" Rab, ye thief! said he, aiming a kick
at my great friend, who drew cringing up,
and avoiding the heavy shoe with more
agility than dignity, and watching his mas-
14












RAB AND HIS FRIENDS.


ter's eye, slunk dismayed under the cart
-his ears down, and as much as he had
of tail down too.
What a man this must be, thought I, to
whom my tremendous hero turns tail!
The carrier saw the muzzle hanging cut
and useless from his neck, and I eagerly
told him the story, which Bob and I always
thought, and still think, Homer, or King
David, or Sir Walter alone were worthy
to rehearse. The severe little man was
mitigated, and condescended to say, Rab,
ma man, puir Rabbie," whereupon the
stump of a tail rose up, the ears were
cocked, the eyes filled, and were com-
forted: the two friends were reconciled.
"Hupp and a stroke of the whip were
given to Jess, and off went the three.

Bob and I buried the Game Chicken
that night (we had not much of a tea) in
the back green of his house, in Melville
IS











RAB AND HIS FRIENDS.


Street, No. 17, with considerable gravity
and silence; and being at the time in the
Iliad, and, like most boys, Trojans, we
called him Hector, of course.


Six years have passed,-a long time for
a boy and a dog; Bob Ainslie is off to the
wars ; I am a medical student, and clerk
at Minto House Hospital.
Rab I saw almost every week, on the
Wednesday; and we had much pleasant
intimacy. I found the way to his heart by
frequent scratching of his huge head and
an occasional bone. When I did not no-
tice him he would plant himself straight
before me, and stand wagging that bud of
a tail and looking up, with his head a lit-
tle to the one side. His master I occa-
sionally saw; he used to call me Maister
John," but was laconic as any Spartan.
One fine October afternoon I was leav-
































JESS AJ-D P\B.












RAB AND HIS FRIENDS.


ing the hospital when I saw the large gate
open, and in walked Rab, with that great
and easy saunter of his. He looked as if
taking general possession of the place;
like the Duke of Wellington entering a
subdued city, satiated with victory and
peace. After him came Jess, now white
from age, with her cart; and in it a wom-
an, carefully wrapped up-the carrier lead-
ing the horse anxiously, and looking back.
When he saw me James (for his name was
James Noble) made a curt and grotesque
"boo," and said, Maister John, this is
the mistress; she's got a trouble in her
breest-some kind o' an income, we're
thinking. "
By this time I saw the woman's face;
she was sitting on a sack filled with straw,
her husband's plaid round her, and his big
coat, with its large white metal buttons,
over her feet.
I never saw a more unforgettable face-
i7












RAB AND HIS FRIENDS.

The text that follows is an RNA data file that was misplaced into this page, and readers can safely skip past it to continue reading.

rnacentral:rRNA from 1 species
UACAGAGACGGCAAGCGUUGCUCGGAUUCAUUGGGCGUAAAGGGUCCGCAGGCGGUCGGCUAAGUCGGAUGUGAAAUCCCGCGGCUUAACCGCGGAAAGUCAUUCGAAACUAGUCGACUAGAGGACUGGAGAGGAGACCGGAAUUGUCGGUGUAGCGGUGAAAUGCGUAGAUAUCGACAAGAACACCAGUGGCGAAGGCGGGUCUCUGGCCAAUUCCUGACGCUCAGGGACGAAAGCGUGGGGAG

pale, serious, lonely,' delicate, sweet, with-
out being at all what we call fine. She
looked sixty, and had on a mutch, white
as snow, with its black ribbon; her sil-
very, smooth hair setting off her dark-
gray eyes-eyes such as one sees only
twice or thrice in a lifetime, full of suf-
fering, full also of the overcoming of it-
her eyebrows black and delicate, and her
mouth firm, patient, and contented, which
few mouths ever are.
As I have said, I never saw a more
beautiful countenance, or one more sub-
dued to settled quiet. "Ailie," said James,
"this is Maister John, the young doctor,
Rab's freend, ye ken. We often speak
aboot you, doctor." She smiled and made
a movement, but said nothing and pre-
pared to come down, putting her plaid
aside and rising. Had Solomon in all his
1 It is not easy giving this lookby one word ; it was expressive
of her being so much of her life alone.











RAB AND HIS FRIENDS.


glory been handing down the. Queen of
Sheba at his palace gate, he could not
have done it more daintily, more tenderly,
more like a gentleman than did James, the
Howgate carrier, when he lifted down
Ailie his wife. The contrast of his small,
swarthy, weather-beaten, keen, worldly
face to hers-pale, subdued, and beautiful
-was something wonderful. Rab looked
on, concerned and puzzled, but ready for
anything that might turn up-were it to
strangle the nurse, the porter, or even me.
Ailie and he seemed great friends.
"As I was sayin', she's got a kind o'
trouble in her breest, doctor; wull ye tak'
a look at it ?" We walked into the con-
sulting-room, all four; Rab, grim and
comic, willing to be happy and confiden-
tial if cause could be shown, willing also
to be the reverse, on the same terms.
Ailie sat down, undid her open gown and
her lawn handkerchief round her neck,











RAB AND HIS FRIENDS.


and without a word showed me her right
breast. I looked at and examined it care-
fully-she and James watching me, and
Rab eyeing all three. What could I say?
There it was, that had once been so soft,
so shapely, so white, so gracious and
bountiful, so full of all blessed condi-
tions "-hard as a stone, a centre of hor-
rid pain, making that pale face, with its
gray, lucid, reasonable eyes, and its sweet,